When the President of the United States claims that few is more than many - and gets away with it - you know that our system of government, and indeed our democratic society, is facing a clear and present danger.
The NY Times reports on Lyin’ Donnie’s falsifications and fabrications in ‘Up Is Down’: Trump’s Unreality Show Echoes His Business Past
As a businessman, Donald J. Trump was a serial fabulist whose biggest-best boasts about everything he touched routinely crumbled under the slightest scrutiny. As a candidate, Mr. Trump was a magical realist who made fantastical claims punctuated by his favorite verbal tic: “Believe me.”
Yet even jaded connoisseurs of Oval Office dissembling were astonished over the last week by the torrent of bogus claims that gushed from President Trump during his first days in office.
“We’ve never seen anything this bizarre in our lifetimes, where up is down and down is up and everything is in question and nothing is real,” said Charles Lewis, the founder of the Center for Public Integrity and the author of “935 Lies: The Future of Truth and the Decline of America’s Moral Integrity,” a book about presidential deception.
All week long, news organizations chased down one Trump tall tale after another. PolitiFact, a website devoted to checking the veracity of claims by public officials, published 12 “of the most misleading claims” Mr. Trump made during his first White House interview. The Chicago Tribune found that Mr. Trump was incorrect when he claimed two people were shot and killed in Chicago the very hour President Barack Obama was there delivering his farewell address. (There were no shootings, police records showed.) The Philadelphia Inquirer found that Mr. Trump was incorrect when he said the city’s murder rate was “terribly increasing.” (The murder rate has steadily declined over the last decade.) The indefatigable fact checkers at The Washington Post cataloged 24 false or misleading statements made by the president during his first seven days in office.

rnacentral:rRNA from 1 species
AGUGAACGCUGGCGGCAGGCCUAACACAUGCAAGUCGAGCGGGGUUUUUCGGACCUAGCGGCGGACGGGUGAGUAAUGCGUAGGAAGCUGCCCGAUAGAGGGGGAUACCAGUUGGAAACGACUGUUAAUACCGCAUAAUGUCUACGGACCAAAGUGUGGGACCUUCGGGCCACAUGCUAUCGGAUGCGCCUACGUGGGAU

Trump’s lies are just as much instruments of governance as they are instances of his narcissism.
Mr. Trump’s falsehoods have long been viewed as a reflexive extension of his vanity, or as his method of compensating for deep-seated insecurities. But throughout his business career, Mr. Trump’s most noteworthy deceptions often did double duty, serving not just his ego but also important strategic goals. Mr. Trump’s habitually inflated claims about his wealth, for example, fed his self-proclaimed image of a business genius even as they attracted lucrative licensing deals built around the Trump brand.
Steve Schmidt, who helped manage Senator John McCain’s 2008 presidential campaign, said in an interview that Mr. Trump’s cascade of falsehoods was “a direct assault on the very idea of representative democracy” in the United States. Mr. Schmidt said that when he heard Mr. Trump’s adviser Kellyanne Conway defend the Trump administration’s “alternative facts” on NBC’s “Meet the Press” last Sunday, he thought of George Orwell’s “1984,” in which the Ministry of Truth is emblazoned with three slogans: “War is peace. Freedom is slavery. Ignorance is strength.”
“In a democratic government, there must be truth in order to hold elected officials accountable to their sovereign, which is the people,” Mr. Schmidt said. “All authoritarian societies are built on a foundation of lies and alternative facts, and what is true is what the leader believes, or what is best for the state.”
Mr. Lewis argued that the president’s untruths were a deliberate strategy to position the nation’s leading news organizations as the enemy of his administration. “Fact-checking becomes an act of war by the media,” he said.
Adam Gopnik at the New Yorker also connects Orwell’s “1984” and Trump’s America.
When Trump repeats the ridiculous story about the three million illegal voters—a story that no one who knows, that not a single White House “staffer,” not a single Republican congressman actually believes to be true—he does not really care if anyone believes it, even if, at some crazy level, he does, sort of. People aren’t meant to believe it; they’re meant to be intimidated by it. The lie is not a claim about specific facts; the lunacy is a deliberate challenge to the whole larger idea of sanity. Once a lie that big is in circulation, trying to reel the conversation back into the territory of rational argument becomes impossible.
The thing is - just about everything Trump says is a “lie that big” so we continue to live in a state of disorientation void of rational argument.